My rating: 5 of 5 stars
By the end of this one, I knew I had to take a break and not start the fourth book immediately. That is the effect these books have had on me and I’ve torn through the first three non-stop, as if they were one book and not three.
In this one we see Elena and Lila go through their 20s and 30s. Time passes quickly for Elena from being a young university student to unknowingly a somewhat acclaimed author and then the wife of a professor – all signs of having truly ‘arrived’ in life. Lila on the other hand is going through a disturbingly downward spiral in her life and there is an evident distance between the two friends during these years.
This one brought out the really raw emotions of both women and I wondered many times if their relationship could really be called a friendship anymore. There’s a constant love-hate equation that is frustrating and disturbing to witness. There is a demanded dependence, rough abdication. Jealousy abounds. Its almost claustrophobic – a claustrophobia of the mind.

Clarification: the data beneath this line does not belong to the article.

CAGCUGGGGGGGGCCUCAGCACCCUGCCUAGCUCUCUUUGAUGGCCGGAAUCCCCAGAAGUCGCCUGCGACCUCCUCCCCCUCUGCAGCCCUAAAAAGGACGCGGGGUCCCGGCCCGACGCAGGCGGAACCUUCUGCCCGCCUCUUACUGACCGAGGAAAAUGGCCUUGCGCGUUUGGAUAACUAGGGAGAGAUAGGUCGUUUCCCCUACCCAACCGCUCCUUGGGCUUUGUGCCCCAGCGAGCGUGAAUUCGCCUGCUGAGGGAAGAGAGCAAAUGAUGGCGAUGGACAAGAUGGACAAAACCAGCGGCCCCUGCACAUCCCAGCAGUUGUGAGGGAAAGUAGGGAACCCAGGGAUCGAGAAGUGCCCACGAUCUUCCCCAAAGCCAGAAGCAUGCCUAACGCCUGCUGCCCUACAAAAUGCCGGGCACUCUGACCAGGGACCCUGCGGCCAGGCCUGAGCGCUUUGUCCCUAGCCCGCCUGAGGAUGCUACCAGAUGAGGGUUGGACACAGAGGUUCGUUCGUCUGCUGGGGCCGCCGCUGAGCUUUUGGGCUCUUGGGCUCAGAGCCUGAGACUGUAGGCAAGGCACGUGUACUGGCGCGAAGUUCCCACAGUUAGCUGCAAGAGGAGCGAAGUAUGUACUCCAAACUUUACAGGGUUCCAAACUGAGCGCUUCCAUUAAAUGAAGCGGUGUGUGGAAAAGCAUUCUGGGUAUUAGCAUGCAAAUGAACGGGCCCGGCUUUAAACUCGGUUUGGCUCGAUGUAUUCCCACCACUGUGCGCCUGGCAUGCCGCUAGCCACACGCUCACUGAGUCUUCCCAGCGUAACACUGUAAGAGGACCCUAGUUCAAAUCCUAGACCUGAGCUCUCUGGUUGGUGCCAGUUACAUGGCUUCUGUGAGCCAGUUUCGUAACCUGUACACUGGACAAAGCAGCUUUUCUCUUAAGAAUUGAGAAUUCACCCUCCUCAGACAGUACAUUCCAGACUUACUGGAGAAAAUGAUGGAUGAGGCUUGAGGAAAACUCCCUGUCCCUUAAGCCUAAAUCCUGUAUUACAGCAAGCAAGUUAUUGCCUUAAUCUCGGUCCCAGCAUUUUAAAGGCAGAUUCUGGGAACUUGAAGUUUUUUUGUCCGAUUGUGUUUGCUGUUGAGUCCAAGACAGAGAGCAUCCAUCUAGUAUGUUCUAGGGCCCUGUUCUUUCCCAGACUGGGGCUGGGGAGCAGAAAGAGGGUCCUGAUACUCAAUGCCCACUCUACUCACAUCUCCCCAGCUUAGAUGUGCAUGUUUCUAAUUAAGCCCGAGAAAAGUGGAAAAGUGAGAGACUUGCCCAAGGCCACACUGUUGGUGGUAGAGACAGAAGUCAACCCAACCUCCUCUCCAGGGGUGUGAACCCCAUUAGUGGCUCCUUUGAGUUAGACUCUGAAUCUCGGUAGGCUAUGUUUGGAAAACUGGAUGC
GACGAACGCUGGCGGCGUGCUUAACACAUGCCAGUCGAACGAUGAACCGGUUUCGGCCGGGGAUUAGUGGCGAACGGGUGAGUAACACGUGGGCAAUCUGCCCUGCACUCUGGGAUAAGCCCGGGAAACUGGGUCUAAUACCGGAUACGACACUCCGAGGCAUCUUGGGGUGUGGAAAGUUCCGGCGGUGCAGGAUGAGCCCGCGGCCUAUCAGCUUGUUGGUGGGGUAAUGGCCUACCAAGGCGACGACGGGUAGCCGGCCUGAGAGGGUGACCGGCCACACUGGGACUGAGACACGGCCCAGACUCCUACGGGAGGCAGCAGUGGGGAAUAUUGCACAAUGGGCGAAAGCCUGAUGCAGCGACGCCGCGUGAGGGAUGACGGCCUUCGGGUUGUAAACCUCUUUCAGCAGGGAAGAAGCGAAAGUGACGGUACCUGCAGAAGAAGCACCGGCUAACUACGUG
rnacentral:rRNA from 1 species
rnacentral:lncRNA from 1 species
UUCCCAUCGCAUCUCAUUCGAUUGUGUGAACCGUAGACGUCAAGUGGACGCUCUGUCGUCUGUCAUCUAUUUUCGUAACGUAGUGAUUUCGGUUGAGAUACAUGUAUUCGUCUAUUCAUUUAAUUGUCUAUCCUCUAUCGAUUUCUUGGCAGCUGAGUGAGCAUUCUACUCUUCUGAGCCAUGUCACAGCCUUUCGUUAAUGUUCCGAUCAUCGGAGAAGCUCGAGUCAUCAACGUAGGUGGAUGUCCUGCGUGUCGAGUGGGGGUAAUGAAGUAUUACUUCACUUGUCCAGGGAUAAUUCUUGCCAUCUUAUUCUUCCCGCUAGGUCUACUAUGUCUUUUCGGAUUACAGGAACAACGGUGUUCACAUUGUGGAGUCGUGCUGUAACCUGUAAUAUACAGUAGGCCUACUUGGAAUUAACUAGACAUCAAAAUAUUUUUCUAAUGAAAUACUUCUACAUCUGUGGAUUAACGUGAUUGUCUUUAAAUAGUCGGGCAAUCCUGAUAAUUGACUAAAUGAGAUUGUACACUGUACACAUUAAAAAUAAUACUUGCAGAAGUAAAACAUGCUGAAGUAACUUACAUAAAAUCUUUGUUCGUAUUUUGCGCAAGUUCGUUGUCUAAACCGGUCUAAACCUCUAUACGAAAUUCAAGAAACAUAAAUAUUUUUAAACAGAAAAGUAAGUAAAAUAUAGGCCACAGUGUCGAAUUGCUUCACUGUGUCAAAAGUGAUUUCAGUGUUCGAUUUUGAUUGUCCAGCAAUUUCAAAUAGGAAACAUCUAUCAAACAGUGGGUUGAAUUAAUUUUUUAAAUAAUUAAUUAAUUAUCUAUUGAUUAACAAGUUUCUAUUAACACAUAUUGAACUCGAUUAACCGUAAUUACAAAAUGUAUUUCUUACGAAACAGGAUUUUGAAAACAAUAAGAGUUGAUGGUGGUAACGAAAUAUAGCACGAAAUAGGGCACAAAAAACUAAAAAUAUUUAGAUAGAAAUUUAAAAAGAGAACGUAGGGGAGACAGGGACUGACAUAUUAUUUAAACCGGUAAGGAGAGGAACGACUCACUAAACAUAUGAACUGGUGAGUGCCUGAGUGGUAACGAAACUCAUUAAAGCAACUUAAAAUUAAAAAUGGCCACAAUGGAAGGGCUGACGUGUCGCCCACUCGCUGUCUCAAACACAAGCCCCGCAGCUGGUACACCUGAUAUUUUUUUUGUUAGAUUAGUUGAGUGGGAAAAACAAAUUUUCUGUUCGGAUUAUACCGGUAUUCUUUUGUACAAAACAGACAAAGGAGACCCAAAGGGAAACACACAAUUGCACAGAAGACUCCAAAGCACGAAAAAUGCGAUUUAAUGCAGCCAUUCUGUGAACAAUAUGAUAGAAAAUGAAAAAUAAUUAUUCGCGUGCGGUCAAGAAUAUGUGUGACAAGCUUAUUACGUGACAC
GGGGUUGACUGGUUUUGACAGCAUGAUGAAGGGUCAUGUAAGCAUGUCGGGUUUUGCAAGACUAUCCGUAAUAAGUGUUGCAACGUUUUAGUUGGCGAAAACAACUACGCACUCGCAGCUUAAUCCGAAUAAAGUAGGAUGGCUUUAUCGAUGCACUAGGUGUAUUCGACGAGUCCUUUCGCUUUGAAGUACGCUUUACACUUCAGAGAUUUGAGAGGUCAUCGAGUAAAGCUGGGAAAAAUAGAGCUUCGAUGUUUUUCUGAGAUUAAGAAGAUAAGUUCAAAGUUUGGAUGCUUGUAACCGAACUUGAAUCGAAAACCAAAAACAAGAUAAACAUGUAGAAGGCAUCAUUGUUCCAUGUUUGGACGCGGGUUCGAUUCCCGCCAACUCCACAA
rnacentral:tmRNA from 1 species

And yet you keep reading, hoping to understand why, hoping they will relinquish the cold war, or break off completely rather than be mirrors of misery to each other.
Elena’s need for verification is almost tragic – Lila never ceases to be a benchmark, she can never shake her off.
“My becoming was a becoming in her wake.”
“my thoughts were cut off in the middle, absorbing and yet defective, with an urgent need for verification, for development, yet without conviction, without faith in themselves. Then the wish to telephone her returned, to tel her: Listen to what I’m thinking about, please lets talk about it together.”
And Lila, unapologetic and vengeful, violently expresses her independence and disengagement – which displays her need to coverup insecurities, setbacks and failures even more – which are unacceptable to her, and yet her reality.
The story traces how both women deal with their own circumstances and situations in life. Each reassuring herself of having the better one in comparison to the other, and each seemingly unhappy with it. They compete constantly. They are bolder, more reckless, more selfish and yet there are a few tender moments that confuse and conflict how you feel about them.
One cannot help but ‘feel’ – for them and with them.